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Using Lingo in Business Communications

Imagine you have just walked in on a conversation-in-progress between long-time friends when one references an inside joke that prompts rolls of laughter. You might smile politely, if not a little uncomfortably, and wait for one of them to explain the “you had to be there” moment. Although the story won’t prove to be all that funny (because you really did have to be there) there is no expectation that you should get the location joke without a point of reference. You are an outsider.

Inside corporate jargon is a lot like a location joke, and if you are the outsider who doesn’t get it, you could be missing (or misunderstanding) critical information.  Conversely, if you are the offending party using undecipherable business-speak, you could be unwittingly alienating the people with whom you are trying to communicate.

So what is proper business etiquette surrounding business-speak? Is it incumbent upon the outsider to get up to speed, or should the acronym-happy insider have more consideration for his audience? As with all social mores, it depends entirely on the situation.

Effective communication is about creating clarity and understanding.  If you are a new employee, then you had better dive in and learn the company lingo.  If you are a potential customer, then you should expect thoughtful communication that you can clearly understand without the need to interrupt to ask for definitions.  When creating marketing collateral, corporate jargon that refers to internal structures or product nomenclature (that is not a registered trademark) can easily confuse your audience and should be avoided entirely.

Rules of etiquette are created to ensure that everyone feels comfortable and knows how to behave in specific situations.  If your spouse or your grandparent wouldn’t understand corporate-speak, don’t use it when addressing them or anyone who isn’t part of your field. And above all, don’t assume your clients or customers understand your vernacular; you need to use theirs. It’s polite, and it will help your business.

I had the privilege of attending a recent client event in Charlotte that reminded me of the importance of corporate social responsibility and serving broader industry needs in branding and reputation management. Read the rest of this entry »

A recent conversation with my nearly five-year-old daughter has reminded me of the basics of crisis communications.  She started the discussion as follows: Read the rest of this entry »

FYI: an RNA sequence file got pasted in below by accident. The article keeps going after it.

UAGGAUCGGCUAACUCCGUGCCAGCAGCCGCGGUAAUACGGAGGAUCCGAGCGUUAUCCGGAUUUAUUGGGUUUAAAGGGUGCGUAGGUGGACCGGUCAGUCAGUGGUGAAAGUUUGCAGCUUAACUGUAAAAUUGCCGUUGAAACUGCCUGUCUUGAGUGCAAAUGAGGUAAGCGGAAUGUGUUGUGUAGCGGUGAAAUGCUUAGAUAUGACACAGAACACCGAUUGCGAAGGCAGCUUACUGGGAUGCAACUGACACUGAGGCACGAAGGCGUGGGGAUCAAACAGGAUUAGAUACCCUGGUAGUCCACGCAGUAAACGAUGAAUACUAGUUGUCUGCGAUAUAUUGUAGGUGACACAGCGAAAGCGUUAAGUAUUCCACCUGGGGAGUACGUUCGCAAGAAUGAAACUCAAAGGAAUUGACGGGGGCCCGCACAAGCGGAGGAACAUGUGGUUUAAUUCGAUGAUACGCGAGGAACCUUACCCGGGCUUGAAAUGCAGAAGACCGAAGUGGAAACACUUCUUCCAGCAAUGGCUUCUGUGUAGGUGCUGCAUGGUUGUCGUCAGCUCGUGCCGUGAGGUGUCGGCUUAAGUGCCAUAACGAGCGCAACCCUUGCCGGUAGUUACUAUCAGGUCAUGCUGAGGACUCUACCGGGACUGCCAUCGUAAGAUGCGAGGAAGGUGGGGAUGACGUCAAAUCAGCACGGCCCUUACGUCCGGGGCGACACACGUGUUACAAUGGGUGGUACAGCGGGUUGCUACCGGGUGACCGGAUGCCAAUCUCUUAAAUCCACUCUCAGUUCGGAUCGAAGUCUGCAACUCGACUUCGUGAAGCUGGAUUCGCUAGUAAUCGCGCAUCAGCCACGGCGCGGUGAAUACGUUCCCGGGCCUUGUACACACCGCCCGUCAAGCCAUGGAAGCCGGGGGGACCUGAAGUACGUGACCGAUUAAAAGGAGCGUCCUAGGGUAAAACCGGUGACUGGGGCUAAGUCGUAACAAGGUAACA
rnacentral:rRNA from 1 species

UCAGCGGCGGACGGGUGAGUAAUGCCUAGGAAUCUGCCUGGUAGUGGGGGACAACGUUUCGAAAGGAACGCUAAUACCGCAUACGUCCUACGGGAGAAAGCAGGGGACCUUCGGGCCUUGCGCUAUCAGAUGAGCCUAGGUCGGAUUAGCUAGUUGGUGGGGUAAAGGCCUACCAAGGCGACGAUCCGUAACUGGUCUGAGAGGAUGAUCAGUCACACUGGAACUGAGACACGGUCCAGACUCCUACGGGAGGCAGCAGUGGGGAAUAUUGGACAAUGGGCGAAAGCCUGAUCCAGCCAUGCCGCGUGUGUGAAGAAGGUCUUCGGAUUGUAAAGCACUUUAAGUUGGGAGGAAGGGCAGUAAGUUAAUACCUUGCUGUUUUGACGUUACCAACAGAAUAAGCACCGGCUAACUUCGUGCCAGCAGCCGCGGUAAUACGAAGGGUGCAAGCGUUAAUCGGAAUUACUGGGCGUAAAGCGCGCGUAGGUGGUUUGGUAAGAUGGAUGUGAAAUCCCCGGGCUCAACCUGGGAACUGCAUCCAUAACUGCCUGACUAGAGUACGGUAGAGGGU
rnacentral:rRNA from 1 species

I went to a local mall at noon today to grab lunch and noticed a group of people standing at the entrance with yellow mall vests and clipboards in their hands. Since I’m in the marketing business, I immediately assumed they were taking a survey.

A very nice young lady asked me if I had a moment; when I said yes, she told me that the mall sponsored their presence to remind shoppers of the importance of car safety. She asked if they could check my car and suggest opportunities for improved safety. Why not, I figured – who wouldn’t want a free car check?

They walked with me to my car and checked the tires, windshield wipers, lights, and all the glass. They noted that my windshield had a small crack, which I frankly had not seen. They also informed me that in our state this could be repaired for free under my comprehensive insurance coverage. The closer was that they represented a local auto service center that could remedy my problem, and they provided me with a business card and discount coupon.

What a great approach to marketing a service! In B2B marketing, we sometimes forget that providing educational information and content about a subject, or a free performance analysis/inspection of a system, can be quite persuasive. Often times this free service can even uncover a need that you can fulfill for your customers.

How could you apply this same technique for your company? Perhaps consider ideas such as:
• If you service or manufacture electric motors, offer a vibration analysis or energy efficiency evaluation.
• If you manufacture a component for OEMs, provide a list of the top ten design options for using this type of component to improve the efficiency of the end product.
• If you sell OSHA safety material, provide a free annual safety audit.

I’m sure you can see how this works and think of plenty of applications for your company.

Like Twitter, Facebook can also be used as a way to reach and connect with key audiences anywhere in the world. In fact, Facebook can be used in 70 different languages. Unlike Twitter, however, Facebook allows you to build what are called fan pages or groups. There are slight differences between a Facebook fan page and a group, but they both allow you to share news, pictures, videos, and more. Below are a few idea generators on how to use Facebook for BtoB. Read the rest of this entry »

It’s a common question for companies that are testing the waters of social media: should social media efforts fall under the responsibility of marketing? Or of public relations? If you look at some traditional definitions, the answer becomes a bit clearer. Read the rest of this entry »

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